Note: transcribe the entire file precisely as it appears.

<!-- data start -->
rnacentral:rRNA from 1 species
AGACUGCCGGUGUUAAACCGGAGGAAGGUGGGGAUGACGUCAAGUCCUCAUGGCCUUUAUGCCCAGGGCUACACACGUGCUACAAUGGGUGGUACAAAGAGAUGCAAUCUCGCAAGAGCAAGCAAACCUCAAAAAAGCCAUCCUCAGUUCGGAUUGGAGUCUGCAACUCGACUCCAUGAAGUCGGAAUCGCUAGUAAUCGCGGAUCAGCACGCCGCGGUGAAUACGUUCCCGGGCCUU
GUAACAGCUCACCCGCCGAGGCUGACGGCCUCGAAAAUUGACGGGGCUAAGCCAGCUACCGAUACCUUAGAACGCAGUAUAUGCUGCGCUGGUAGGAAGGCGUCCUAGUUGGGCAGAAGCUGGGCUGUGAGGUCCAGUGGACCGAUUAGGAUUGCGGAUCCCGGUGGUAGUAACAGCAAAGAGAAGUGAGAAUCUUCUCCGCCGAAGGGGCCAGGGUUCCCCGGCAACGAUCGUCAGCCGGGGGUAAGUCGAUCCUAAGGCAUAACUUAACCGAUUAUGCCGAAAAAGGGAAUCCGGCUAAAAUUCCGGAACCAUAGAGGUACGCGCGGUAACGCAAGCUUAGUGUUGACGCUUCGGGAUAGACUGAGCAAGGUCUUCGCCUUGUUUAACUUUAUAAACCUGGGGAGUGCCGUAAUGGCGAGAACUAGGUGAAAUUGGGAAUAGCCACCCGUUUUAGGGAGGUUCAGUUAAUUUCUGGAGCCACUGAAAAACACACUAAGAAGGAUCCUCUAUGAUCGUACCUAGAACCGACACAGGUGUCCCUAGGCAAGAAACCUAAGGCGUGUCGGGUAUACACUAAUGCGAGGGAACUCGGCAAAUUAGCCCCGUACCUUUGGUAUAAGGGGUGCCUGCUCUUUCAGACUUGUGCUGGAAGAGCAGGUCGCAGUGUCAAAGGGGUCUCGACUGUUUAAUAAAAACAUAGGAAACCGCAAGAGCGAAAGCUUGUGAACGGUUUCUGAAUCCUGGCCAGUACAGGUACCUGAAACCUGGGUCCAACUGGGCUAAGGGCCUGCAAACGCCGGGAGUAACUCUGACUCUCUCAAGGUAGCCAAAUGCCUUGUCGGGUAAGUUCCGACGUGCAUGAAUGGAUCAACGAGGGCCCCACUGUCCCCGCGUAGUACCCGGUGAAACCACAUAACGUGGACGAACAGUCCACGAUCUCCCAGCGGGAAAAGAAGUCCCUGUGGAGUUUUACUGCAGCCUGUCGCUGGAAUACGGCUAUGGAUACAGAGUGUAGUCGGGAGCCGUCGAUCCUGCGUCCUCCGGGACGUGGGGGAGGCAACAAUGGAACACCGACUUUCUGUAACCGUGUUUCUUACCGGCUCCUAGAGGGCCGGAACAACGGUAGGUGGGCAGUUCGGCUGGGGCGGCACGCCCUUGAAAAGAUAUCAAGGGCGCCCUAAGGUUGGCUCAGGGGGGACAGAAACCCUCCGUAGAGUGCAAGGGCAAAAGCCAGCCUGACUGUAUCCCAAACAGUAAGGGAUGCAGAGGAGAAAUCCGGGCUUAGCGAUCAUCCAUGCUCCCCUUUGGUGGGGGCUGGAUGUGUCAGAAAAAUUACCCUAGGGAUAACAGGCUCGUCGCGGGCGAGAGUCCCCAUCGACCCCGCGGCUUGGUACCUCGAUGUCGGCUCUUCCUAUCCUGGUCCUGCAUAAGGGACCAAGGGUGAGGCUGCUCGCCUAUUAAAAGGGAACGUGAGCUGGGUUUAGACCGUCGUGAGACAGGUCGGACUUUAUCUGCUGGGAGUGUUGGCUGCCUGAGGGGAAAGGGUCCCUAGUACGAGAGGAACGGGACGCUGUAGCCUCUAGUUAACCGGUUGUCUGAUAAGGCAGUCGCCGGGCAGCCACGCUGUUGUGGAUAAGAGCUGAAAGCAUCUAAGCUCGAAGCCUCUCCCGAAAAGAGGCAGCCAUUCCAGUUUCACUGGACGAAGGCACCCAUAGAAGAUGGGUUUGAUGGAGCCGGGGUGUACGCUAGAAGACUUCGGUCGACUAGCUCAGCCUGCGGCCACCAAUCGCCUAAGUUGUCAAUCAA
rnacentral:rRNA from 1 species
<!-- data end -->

rnacentral:rRNA from 1 species
AGACUGCCGGUGUUAAACCGGAGGAAGGUGGGGAUGACGUCAAGUCCUCAUGGCCUUUAUGCCCAGGGCUACACACGUGCUACAAUGGGUGGUACAAAGAGAUGCAAUCUCGCAAGAGCAAGCAAACCUCAAAAAAGCCAUCCUCAGUUCGGAUUGGAGUCUGCAACUCGACUCCAUGAAGUCGGAAUCGCUAGUAAUCGCGGAUCAGCACGCCGCGGUGAAUACGUUCCCGGGCCUU
GUAACAGCUCACCCGCCGAGGCUGACGGCCUCGAAAAUUGACGGGGCUAAGCCAGCUACCGAUACCUUAGAACGCAGUAUAUGCUGCGCUGGUAGGAAGGCGUCCUAGUUGGGCAGAAGCUGGGCUGUGAGGUCCAGUGGACCGAUUAGGAUUGCGGAUCCCGGUGGUAGUAACAGCAAAGAGAAGUGAGAAUCUUCUCCGCCGAAGGGGCCAGGGUUCCCCGGCAACGAUCGUCAGCCGGGGGUAAGUCGAUCCUAAGGCAUAACUUAACCGAUUAUGCCGAAAAAGGGAAUCCGGCUAAAAUUCCGGAACCAUAGAGGUACGCGCGGUAACGCAAGCUUAGUGUUGACGCUUCGGGAUAGACUGAGCAAGGUCUUCGCCUUGUUUAACUUUAUAAACCUGGGGAGUGCCGUAAUGGCGAGAACUAGGUGAAAUUGGGAAUAGCCACCCGUUUUAGGGAGGUUCAGUUAAUUUCUGGAGCCACUGAAAAACACACUAAGAAGGAUCCUCUAUGAUCGUACCUAGAACCGACACAGGUGUCCCUAGGCAAGAAACCUAAGGCGUGUCGGGUAUACACUAAUGCGAGGGAACUCGGCAAAUUAGCCCCGUACCUUUGGUAUAAGGGGUGCCUGCUCUUUCAGACUUGUGCUGGAAGAGCAGGUCGCAGUGUCAAAGGGGUCUCGACUGUUUAAUAAAAACAUAGGAAACCGCAAGAGCGAAAGCUUGUGAACGGUUUCUGAAUCCUGGCCAGUACAGGUACCUGAAACCUGGGUCCAACUGGGCUAAGGGCCUGCAAACGCCGGGAGUAACUCUGACUCUCUCAAGGUAGCCAAAUGCCUUGUCGGGUAAGUUCCGACGUGCAUGAAUGGAUCAACGAGGGCCCCACUGUCCCCGCGUAGUACCCGGUGAAACCACAUAACGUGGACGAACAGUCCACGAUCUCCCAGCGGGAAAAGAAGUCCCUGUGGAGUUUUACUGCAGCCUGUCGCUGGAAUACGGCUAUGGAUACAGAGUGUAGUCGGGAGCCGUCGAUCCUGCGUCCUCCGGGACGUGGGGGAGGCAACAAUGGAACACCGACUUUCUGUAACCGUGUUUCUUACCGGCUCCUAGAGGGCCGGAACAACGGUAGGUGGGCAGUUCGGCUGGGGCGGCACGCCCUUGAAAAGAUAUCAAGGGCGCCCUAAGGUUGGCUCAGGGGGGACAGAAACCCUCCGUAGAGUGCAAGGGCAAAAGCCAGCCUGACUGUAUCCCAAACAGUAAGGGAUGCAGAGGAGAAAUCCGGGCUUAGCGAUCAUCCAUGCUCCCCUUUGGUGGGGGCUGGAUGUGUCAGAAAAAUUACCCUAGGGAUAACAGGCUCGUCGCGGGCGAGAGUCCCCAUCGACCCCGCGGCUUGGUACCUCGAUGUCGGCUCUUCCUAUCCUGGUCCUGCAUAAGGGACCAAGGGUGAGGCUGCUCGCCUAUUAAAAGGGAACGUGAGCUGGGUUUAGACCGUCGUGAGACAGGUCGGACUUUAUCUGCUGGGAGUGUUGGCUGCCUGAGGGGAAAGGGUCCCUAGUACGAGAGGAACGGGACGCUGUAGCCUCUAGUUAACCGGUUGUCUGAUAAGGCAGUCGCCGGGCAGCCACGCUGUUGUGGAUAAGAGCUGAAAGCAUCUAAGCUCGAAGCCUCUCCCGAAAAGAGGCAGCCAUUCCAGUUUCACUGGACGAAGGCACCCAUAGAAGAUGGGUUUGAUGGAGCCGGGGUGUACGCUAGAAGACUUCGGUCGACUAGCUCAGCCUGCGGCCACCAAUCGCCUAAGUUGUCAAUCAA
rnacentral:rRNA from 1 species